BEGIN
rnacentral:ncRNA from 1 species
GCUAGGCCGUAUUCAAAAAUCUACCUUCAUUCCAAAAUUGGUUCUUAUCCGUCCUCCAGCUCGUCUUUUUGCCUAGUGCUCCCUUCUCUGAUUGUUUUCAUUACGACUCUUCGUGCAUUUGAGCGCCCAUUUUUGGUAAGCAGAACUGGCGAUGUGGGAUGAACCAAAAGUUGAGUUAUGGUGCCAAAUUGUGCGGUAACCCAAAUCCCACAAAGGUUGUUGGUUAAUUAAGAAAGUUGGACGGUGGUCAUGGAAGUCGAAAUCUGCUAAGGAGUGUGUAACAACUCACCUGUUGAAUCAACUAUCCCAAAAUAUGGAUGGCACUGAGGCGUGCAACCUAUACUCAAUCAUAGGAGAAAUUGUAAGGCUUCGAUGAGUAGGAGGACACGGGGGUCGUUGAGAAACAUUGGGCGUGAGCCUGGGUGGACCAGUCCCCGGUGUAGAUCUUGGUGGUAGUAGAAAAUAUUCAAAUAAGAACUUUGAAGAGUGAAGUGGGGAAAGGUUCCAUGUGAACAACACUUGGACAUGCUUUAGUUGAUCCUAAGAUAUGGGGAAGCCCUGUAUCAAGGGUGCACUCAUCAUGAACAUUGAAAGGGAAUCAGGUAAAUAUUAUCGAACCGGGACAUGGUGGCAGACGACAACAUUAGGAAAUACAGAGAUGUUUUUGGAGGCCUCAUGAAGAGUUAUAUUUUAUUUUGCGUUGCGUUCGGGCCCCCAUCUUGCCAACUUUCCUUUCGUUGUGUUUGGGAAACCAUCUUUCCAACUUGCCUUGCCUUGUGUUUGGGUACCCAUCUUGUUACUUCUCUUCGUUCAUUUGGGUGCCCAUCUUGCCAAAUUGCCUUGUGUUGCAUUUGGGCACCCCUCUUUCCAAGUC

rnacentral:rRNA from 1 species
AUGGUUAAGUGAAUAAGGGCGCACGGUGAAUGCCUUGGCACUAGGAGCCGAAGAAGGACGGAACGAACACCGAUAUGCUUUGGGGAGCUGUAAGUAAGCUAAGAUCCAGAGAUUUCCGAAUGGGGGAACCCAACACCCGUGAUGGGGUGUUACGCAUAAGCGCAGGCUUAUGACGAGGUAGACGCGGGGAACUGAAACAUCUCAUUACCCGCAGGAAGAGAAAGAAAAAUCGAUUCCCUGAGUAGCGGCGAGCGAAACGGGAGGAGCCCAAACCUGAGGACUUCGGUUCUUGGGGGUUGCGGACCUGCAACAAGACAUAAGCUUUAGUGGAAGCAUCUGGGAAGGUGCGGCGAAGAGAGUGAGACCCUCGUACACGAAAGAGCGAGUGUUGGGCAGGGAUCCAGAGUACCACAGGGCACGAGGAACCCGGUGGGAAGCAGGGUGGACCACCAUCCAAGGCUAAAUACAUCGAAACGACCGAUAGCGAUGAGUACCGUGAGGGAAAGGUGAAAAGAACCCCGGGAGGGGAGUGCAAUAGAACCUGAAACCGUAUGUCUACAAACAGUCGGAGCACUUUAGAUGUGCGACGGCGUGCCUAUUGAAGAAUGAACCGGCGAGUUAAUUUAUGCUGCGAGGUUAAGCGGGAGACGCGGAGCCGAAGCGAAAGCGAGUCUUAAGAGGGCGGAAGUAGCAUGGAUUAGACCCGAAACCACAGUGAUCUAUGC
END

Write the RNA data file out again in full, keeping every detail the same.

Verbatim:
rnacentral:ncRNA from 1 species
GCUAGGCCGUAUUCAAAAAUCUACCUUCAUUCCAAAAUUGGUUCUUAUCCGUCCUCCAGCUCGUCUUUUUGCCUAGUGCUCCCUUCUCUGAUUGUUUUCAUUACGACUCUUCGUGCAUUUGAGCGCCCAUUUUUGGUAAGCAGAACUGGCGAUGUGGGAUGAACCAAAAGUUGAGUUAUGGUGCCAAAUUGUGCGGUAACCCAAAUCCCACAAAGGUUGUUGGUUAAUUAAGAAAGUUGGACGGUGGUCAUGGAAGUCGAAAUCUGCUAAGGAGUGUGUAACAACUCACCUGUUGAAUCAACUAUCCCAAAAUAUGGAUGGCACUGAGGCGUGCAACCUAUACUCAAUCAUAGGAGAAAUUGUAAGGCUUCGAUGAGUAGGAGGACACGGGGGUCGUUGAGAAACAUUGGGCGUGAGCCUGGGUGGACCAGUCCCCGGUGUAGAUCUUGGUGGUAGUAGAAAAUAUUCAAAUAAGAACUUUGAAGAGUGAAGUGGGGAAAGGUUCCAUGUGAACAACACUUGGACAUGCUUUAGUUGAUCCUAAGAUAUGGGGAAGCCCUGUAUCAAGGGUGCACUCAUCAUGAACAUUGAAAGGGAAUCAGGUAAAUAUUAUCGAACCGGGACAUGGUGGCAGACGACAACAUUAGGAAAUACAGAGAUGUUUUUGGAGGCCUCAUGAAGAGUUAUAUUUUAUUUUGCGUUGCGUUCGGGCCCCCAUCUUGCCAACUUUCCUUUCGUUGUGUUUGGGAAACCAUCUUUCCAACUUGCCUUGCCUUGUGUUUGGGUACCCAUCUUGUUACUUCUCUUCGUUCAUUUGGGUGCCCAUCUUGCCAAAUUGCCUUGUGUUGCAUUUGGGCACCCCUCUUUCCAAGUC

rnacentral:rRNA from 1 species
AUGGUUAAGUGAAUAAGGGCGCACGGUGAAUGCCUUGGCACUAGGAGCCGAAGAAGGACGGAACGAACACCGAUAUGCUUUGGGGAGCUGUAAGUAAGCUAAGAUCCAGAGAUUUCCGAAUGGGGGAACCCAACACCCGUGAUGGGGUGUUACGCAUAAGCGCAGGCUUAUGACGAGGUAGACGCGGGGAACUGAAACAUCUCAUUACCCGCAGGAAGAGAAAGAAAAAUCGAUUCCCUGAGUAGCGGCGAGCGAAACGGGAGGAGCCCAAACCUGAGGACUUCGGUUCUUGGGGGUUGCGGACCUGCAACAAGACAUAAGCUUUAGUGGAAGCAUCUGGGAAGGUGCGGCGAAGAGAGUGAGACCCUCGUACACGAAAGAGCGAGUGUUGGGCAGGGAUCCAGAGUACCACAGGGCACGAGGAACCCGGUGGGAAGCAGGGUGGACCACCAUCCAAGGCUAAAUACAUCGAAACGACCGAUAGCGAUGAGUACCGUGAGGGAAAGGUGAAAAGAACCCCGGGAGGGGAGUGCAAUAGAACCUGAAACCGUAUGUCUACAAACAGUCGGAGCACUUUAGAUGUGCGACGGCGUGCCUAUUGAAGAAUGAACCGGCGAGUUAAUUUAUGCUGCGAGGUUAAGCGGGAGACGCGGAGCCGAAGCGAAAGCGAGUCUUAAGAGGGCGGAAGUAGCAUGGAUUAGACCCGAAACCACAGUGAUCUAUGC